In later parts of the book, Imlah looks more directly at his personal history. For first-time readers, these are likely to seem the most welcoming – especially the very witty but tender poems to his wife, and those about his children and contemporaries. In one of these, the elegy for his university friend Stephen Boyd (like Imlah himself, a keen rugby player), he says “sport matters / Because it does not matter”. In a qualified sense, this assertion takes us close to the heart of everything Imlah achieved as a writer. He is absolutely serious, and often concerned with grave subjects, but entirely without self- importance. The Lost Leader was certainly the best poetry book published in 2008; one of the best poetry books of the new century, in fact.
Ian Duhig on Rain by Don Paterson, 2009
Paterson is one of the essential contemporary poets of these islands; formally accomplished and inventive with a pitch-perfect musician’s ear. His work has never been short of that playful ingenuity so ubiquitous a feature of modern poets’ lockers – and of which modern readers sometimes weary. Rain, for me, moved his writing beyond “all the craft and clever-clever” (the charge levelled against himself in his earlier Landing Light), and the reasons for this were brutally clear: it wasn’t a matter of technical development – rhymes are unshowy here, rhythms depressed – but the acquisition of pain. The “clever-clever” is still occasionally present, as in his techno-geekfest “Song for Natalie ‘Tusja’ Beridze”, but the author of God’s Gift to Women always knew he wasn’t, and throughout the doubting, self-interrogating collection, poems of heartbreak are made from fragments of hearts other than Paterson’s: “‘You’re saying that because / the bed’s a light-year wide, or might as well be, / I’m even lonelier than I thought I was …'” (“The Day”). His earlier sex poems would detumesce beside those here on parenthood or, crushingly, abortive parenthood (in “The Swing”). Haunted by loss, Rain is dedicated to the memory of Paterson’s great friend, that other fine poet Mike Donaghy, dedicatee of its longest poem “Phantom”, where Donaghy’s ghost admits “I loved the living but I hated life”, painfully true of many poets’ self-regarding attachments. One critic wrote that Rain‘s success restores faith in prizes. Perhaps, but it’s a book of broken faiths. Read ‘The Swing’, a poem from Rain by Don Paterson
Nick Laird on Human Chain by Seamus Heaney, 2010
In Kuno Meyer‘s translation of the ninth-century Triads of Ireland, “the three glories of speech” are rendered as “steadiness, wisdom, brevity”, and that trinity might serve as a précis for Heaney’s work. Human Chain, though, sees that Heaney steadiness, the sense of balance and endurance, undercut by a new tenor of instability and uncertainty: the poems were written after a mild stroke Heaney suffered in 2006 and, while not comfortless, they come to doubt “the solid ground”: “As I age and blank on names, / As my uncertainty on stairs / Is more and more the lightheadedness // Of a cabin boy’s first time on the rigging, / As the memorable bottoms out / Into the irretrievable, // It’s not that I can’t imagine still / That slight untoward rupture and world-tilt / As a wind freshened and the anchor weighed.”
Heaney’s late style has gravitated towards the relaxed line, and there’s a conversational freshness to these pieces. The vernacular idiom is mixed with the lapidary though, just as the poems integrate the local with the classical. Meditating on mortality makes time contract and bend; gaps between the past and present disappear as death begins to press its pattern over every life. These poems, which include many great elegies to friends, move “among shades and shadows stirring on the brink”, ghostly parents and grandparents and first loves.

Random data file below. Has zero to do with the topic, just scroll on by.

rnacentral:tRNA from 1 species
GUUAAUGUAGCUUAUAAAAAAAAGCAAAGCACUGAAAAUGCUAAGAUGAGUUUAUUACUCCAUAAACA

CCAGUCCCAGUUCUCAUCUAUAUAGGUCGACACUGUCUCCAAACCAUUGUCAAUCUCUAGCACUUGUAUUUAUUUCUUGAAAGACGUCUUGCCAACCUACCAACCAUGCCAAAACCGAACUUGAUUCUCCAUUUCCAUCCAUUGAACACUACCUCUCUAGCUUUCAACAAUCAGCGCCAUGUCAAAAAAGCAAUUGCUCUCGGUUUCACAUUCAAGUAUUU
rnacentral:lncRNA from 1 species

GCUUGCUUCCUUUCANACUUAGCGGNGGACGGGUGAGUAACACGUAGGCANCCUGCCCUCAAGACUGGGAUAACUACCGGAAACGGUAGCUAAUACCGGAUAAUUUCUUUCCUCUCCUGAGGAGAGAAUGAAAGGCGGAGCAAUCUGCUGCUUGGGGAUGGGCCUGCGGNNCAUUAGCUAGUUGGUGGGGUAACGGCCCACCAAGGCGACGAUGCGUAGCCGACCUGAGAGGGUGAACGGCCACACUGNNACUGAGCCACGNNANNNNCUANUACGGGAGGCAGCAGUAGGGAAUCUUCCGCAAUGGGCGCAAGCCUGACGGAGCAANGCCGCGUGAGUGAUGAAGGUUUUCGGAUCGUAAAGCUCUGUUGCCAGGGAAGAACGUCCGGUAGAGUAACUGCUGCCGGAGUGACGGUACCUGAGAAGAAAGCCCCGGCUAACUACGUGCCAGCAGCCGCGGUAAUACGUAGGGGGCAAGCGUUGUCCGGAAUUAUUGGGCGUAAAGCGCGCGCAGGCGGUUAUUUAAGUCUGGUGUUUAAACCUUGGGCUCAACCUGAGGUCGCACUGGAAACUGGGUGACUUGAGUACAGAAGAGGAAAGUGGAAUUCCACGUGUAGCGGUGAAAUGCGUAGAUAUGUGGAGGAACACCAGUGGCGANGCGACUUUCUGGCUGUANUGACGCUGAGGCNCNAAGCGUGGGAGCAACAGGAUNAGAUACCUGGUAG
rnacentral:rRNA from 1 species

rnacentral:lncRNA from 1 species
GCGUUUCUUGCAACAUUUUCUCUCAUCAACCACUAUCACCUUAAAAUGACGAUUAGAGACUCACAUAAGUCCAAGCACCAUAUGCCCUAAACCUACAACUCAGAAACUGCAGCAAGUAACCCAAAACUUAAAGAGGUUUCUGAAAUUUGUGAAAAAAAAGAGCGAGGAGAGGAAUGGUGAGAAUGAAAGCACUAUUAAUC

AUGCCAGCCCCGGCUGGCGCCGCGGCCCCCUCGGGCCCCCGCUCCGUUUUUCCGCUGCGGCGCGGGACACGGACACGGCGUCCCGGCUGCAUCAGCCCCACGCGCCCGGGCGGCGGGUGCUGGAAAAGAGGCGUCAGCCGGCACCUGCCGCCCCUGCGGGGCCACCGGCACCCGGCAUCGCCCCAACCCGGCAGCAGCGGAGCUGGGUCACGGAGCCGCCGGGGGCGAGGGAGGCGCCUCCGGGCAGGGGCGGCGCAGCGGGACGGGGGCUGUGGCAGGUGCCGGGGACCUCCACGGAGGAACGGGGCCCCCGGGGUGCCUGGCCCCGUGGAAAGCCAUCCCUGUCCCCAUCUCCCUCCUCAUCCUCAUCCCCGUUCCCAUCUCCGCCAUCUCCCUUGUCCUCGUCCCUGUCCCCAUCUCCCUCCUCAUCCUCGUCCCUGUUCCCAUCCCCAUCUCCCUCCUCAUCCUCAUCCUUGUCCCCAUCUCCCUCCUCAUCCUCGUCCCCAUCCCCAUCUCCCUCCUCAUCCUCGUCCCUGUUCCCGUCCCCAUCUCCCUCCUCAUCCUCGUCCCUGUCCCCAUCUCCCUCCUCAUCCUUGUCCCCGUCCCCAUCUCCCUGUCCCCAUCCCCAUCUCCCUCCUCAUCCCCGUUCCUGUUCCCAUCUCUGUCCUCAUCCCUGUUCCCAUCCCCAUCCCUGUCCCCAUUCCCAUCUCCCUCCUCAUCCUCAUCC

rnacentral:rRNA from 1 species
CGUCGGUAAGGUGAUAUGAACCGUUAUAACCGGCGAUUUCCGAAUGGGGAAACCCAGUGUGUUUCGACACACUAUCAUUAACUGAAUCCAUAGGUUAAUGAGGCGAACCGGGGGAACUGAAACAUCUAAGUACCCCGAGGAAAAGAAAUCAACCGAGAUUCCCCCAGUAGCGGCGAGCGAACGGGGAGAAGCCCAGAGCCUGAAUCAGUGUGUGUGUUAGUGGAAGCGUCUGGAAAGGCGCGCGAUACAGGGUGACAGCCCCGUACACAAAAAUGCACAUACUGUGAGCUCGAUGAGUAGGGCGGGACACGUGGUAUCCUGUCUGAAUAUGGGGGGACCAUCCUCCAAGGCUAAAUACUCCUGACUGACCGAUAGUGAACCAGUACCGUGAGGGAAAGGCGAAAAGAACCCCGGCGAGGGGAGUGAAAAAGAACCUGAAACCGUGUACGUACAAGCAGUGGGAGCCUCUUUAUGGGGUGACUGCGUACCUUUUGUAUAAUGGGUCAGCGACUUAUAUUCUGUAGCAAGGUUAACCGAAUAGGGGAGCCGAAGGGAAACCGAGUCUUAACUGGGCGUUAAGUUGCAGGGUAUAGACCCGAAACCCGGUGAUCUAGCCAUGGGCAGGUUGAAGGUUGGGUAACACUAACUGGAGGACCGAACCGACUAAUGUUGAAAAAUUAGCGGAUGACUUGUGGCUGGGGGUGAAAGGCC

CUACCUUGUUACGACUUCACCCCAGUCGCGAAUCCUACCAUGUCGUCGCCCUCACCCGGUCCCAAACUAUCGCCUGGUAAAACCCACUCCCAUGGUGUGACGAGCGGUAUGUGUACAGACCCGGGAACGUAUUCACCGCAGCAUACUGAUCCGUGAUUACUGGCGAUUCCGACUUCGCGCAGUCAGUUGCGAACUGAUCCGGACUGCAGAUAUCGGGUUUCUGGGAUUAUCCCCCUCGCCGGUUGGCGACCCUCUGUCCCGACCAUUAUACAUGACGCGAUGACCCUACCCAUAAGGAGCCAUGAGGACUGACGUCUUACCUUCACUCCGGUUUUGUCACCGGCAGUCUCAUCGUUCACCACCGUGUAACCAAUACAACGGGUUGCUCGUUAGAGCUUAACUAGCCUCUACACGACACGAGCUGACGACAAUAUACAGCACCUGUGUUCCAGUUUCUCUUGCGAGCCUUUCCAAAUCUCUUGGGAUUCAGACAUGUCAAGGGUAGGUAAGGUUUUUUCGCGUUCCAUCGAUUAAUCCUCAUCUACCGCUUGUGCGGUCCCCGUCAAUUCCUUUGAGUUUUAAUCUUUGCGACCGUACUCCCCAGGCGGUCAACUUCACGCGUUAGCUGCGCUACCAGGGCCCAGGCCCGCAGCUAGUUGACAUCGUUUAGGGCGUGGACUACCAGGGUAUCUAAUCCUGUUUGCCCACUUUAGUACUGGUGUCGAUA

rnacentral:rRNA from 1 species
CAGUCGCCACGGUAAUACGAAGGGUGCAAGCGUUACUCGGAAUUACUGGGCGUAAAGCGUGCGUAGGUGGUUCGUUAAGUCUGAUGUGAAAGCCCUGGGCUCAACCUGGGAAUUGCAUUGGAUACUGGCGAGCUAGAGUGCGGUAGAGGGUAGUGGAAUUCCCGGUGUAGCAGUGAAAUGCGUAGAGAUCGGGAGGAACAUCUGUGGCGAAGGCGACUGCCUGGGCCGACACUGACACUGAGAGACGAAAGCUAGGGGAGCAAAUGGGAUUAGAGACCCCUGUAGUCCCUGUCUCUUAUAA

Human Chain is Heaney’s Book of the Dead, and sits easily among his finest collections. Though revolving around sadness and loss, the book continually finds the energy and imagery to make looking over the last threshold possible. In his elegy for David Hammond , Heaney sees himself at his friend’s open door: “I felt, for the first time there and then, a stranger, / Intruder almost, wanting to take flight // Yet well aware that here there was no danger, / Only withdrawal, a not unwelcoming / Emptiness, as in a midnight hangar // On an overgrown airfield in late summer.” Read ‘Had I not been awake’, a poem from Human Chain by Seamus Heaney
Fiona Sampson on Black Cat Bone by John Burnside, 2011
John Burnside creates a world of tones and shifting, shifty meanings that’s not quite like anywhere else. But it resembles the secret, often rather shameful, world of our own hopes and fears. This is particularly true of his poetry, which frequently evokes the dreamlike sensation of blundering through a landscape that is on the brink of offering him, or us, an extraordinary revelation.
The evocation itself, though, is done with exceptional subtlety. Black Cat Bone, Burnside’s 12th collection, brings together his narrative and musical gifts in a way that echoes and develops all that has come before. In the long opening poem, “The Fair Chase”, part ballad and part folk tale, the protagonist is a sort of holy fool, “flycatcher, dreamer, dolt, / companion to no one, / alone in a havoc of signs”, who follows the hunting traditions of family and community, and “becomes / the thing he kills”. This kind of transubstantiation isn’t new in Burnside’s work. His characteristic chain-link imagery passes images forward to create whole landscapes. But, here, that dream logic echoes a kind of “phantom narrative” in other poems, such as “Faith” and “Notes Towards an Ending”, which seem to tell stories from the world of relationships – but don’t do anything quite so reductive.
And all this in Burnside’s extraordinary music. His long sentences, his tumbling scenes and details, add something quite new to the English lyric tradition: the chance to riff, a kind of trance-like rapture. It’s for this sound, as much as for his wild delicacy, that Burnside evokes such passionate admiration.
guardian.co.uk, Thursday 6 October 2011